My question is related to the edge between Subatomic Physics and Chemistry, but I decided that here is the best place to discuss it.

As we all know, Theoretical Physics is a well developed field of knowledge, able to describe the very tiny forms of interactions. However, after some researches for some kind of formula to perfectly describe the interactions on the atomic level (not subatomic), more specifically, a way to calculate the strength of chemical bounds, I keep comming across frustrating highschool explanations, such as

ionic > covalent > H-bond > dipole-dipole > van der Waals

The most precise data that I was able to find comes at page number 20 and 21 of this pdf, that apparently shows some experimental results (I'm guessing).

So here is my question: is there really a unified formula? What if I want to simulate chemical interactions (proton-by-proton, electron-by-electron) on a computer, is it that complex to do, even assuming that I want a simple simulation of about 20 atoms?

Edit: When I reffer to calculating chemical bonds strength, I also include predicting many other chemical properties, as electron affinity or reactivity of the elements, which are all related.

Note: I can accept as answer any pdf that clarifies my question, because I wasn't able to find. Maybe I'm looking it with the wrong key-words.

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    $\begingroup$ Welcome to Chemistry.SE! While I don't have the time to give you a full-blown answer at the moment I at least can try point you in the right direction. I think the formula you are looking for is the Schrödinger Equation. It describes the behaviour of particles on an atomic level (in the non-relativistic limit). But it is not directly solvable for systems consisting of more than two particles. For those cases, a lot of methods have been developed to find an approximate solution, e.g. density functional theory (DFT), Hartree-Fock, etc. $\endgroup$ – Philipp Nov 19 '13 at 0:33
  • $\begingroup$ The whole field of theoretical chemistry is devoted to developing better and better approximations to the many-electron wavefunctions that model the bonding between atoms in molecules and the interactions between molecules. $\endgroup$ – Ben Norris Nov 19 '13 at 2:08
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    $\begingroup$ $H | \psi \rangle = E | \psi \rangle$ $\endgroup$ – user26143 Nov 19 '13 at 5:49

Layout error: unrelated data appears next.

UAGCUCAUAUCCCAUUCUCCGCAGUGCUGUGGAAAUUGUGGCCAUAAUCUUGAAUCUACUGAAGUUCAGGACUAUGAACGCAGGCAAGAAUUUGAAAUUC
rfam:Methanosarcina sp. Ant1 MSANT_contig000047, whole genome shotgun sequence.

The short answer: no. We do not know how to solve the Schrodinger equation analytically, even for systems as simple as the He atom.

The much longer answer:

The Schrodinger equation is the basis for almost all theoretical chemistry: chemistry that attempts to predict properties of compounds without an actual experiment. The problem is that the Schrodinger equation is unsolvable for any compound with more than two electrons, and so we must make some approximations to solve it. This leads to methods such as Hartree-Fock and Density Functional Theory.

While these approximations are usually pretty good, they are still only approximations, and sometimes stop working correctly. There is an added problem that the Schrodinger equation is only an approximation, and the proper theory to use to describe light-matter interaction is Quantum Electrodynamics, which is incredibly difficult to solve for a single photon reflecting off of a mirror.

Long story short: there may or may not be a "unified theory" for describing exactly how all bonds behave in every situation, but there are currently methods that are good enough to predict a large portion of the behavior that we observe.

  • $\begingroup$ I have a question. The Schrödinger equation has no analytical solution for most systems, but we use classical computations to achieve a numerical approximation for the answer. However, solving a quantum problem with classical operations creates an exponential slowdown. If quantum computers ever become reality, would molecular modelling suddenly become almost trivial? If so, that will completely reshape the profession of chemistry as we know it; why attempt a synthesis in the lab with expensive reagents, when you can just calculate the result in silico! $\endgroup$ – Nicolau Saker Neto Nov 19 '13 at 11:33